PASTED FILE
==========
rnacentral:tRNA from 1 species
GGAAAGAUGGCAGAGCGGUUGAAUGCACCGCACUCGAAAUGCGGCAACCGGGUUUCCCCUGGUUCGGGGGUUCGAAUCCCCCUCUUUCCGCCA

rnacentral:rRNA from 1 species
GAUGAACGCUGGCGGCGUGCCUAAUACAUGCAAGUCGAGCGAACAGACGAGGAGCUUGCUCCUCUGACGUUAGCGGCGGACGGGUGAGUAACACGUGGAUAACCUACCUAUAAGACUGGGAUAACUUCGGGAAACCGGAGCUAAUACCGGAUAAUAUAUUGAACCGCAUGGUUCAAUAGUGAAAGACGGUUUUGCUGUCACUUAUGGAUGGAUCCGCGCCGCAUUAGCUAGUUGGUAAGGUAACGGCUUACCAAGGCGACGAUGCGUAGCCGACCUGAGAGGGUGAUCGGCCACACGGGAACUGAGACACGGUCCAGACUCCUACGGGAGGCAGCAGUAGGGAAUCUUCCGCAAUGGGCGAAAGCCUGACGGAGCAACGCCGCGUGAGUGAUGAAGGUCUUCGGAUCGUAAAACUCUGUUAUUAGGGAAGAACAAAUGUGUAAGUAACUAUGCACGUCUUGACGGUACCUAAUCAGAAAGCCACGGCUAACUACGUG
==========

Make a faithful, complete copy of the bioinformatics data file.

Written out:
rnacentral:tRNA from 1 species
GGAAAGAUGGCAGAGCGGUUGAAUGCACCGCACUCGAAAUGCGGCAACCGGGUUUCCCCUGGUUCGGGGGUUCGAAUCCCCCUCUUUCCGCCA

rnacentral:rRNA from 1 species
GAUGAACGCUGGCGGCGUGCCUAAUACAUGCAAGUCGAGCGAACAGACGAGGAGCUUGCUCCUCUGACGUUAGCGGCGGACGGGUGAGUAACACGUGGAUAACCUACCUAUAAGACUGGGAUAACUUCGGGAAACCGGAGCUAAUACCGGAUAAUAUAUUGAACCGCAUGGUUCAAUAGUGAAAGACGGUUUUGCUGUCACUUAUGGAUGGAUCCGCGCCGCAUUAGCUAGUUGGUAAGGUAACGGCUUACCAAGGCGACGAUGCGUAGCCGACCUGAGAGGGUGAUCGGCCACACGGGAACUGAGACACGGUCCAGACUCCUACGGGAGGCAGCAGUAGGGAAUCUUCCGCAAUGGGCGAAAGCCUGACGGAGCAACGCCGCGUGAGUGAUGAAGGUCUUCGGAUCGUAAAACUCUGUUAUUAGGGAAGAACAAAUGUGUAAGUAACUAUGCACGUCUUGACGGUACCUAAUCAGAAAGCCACGGCUAACUACGUG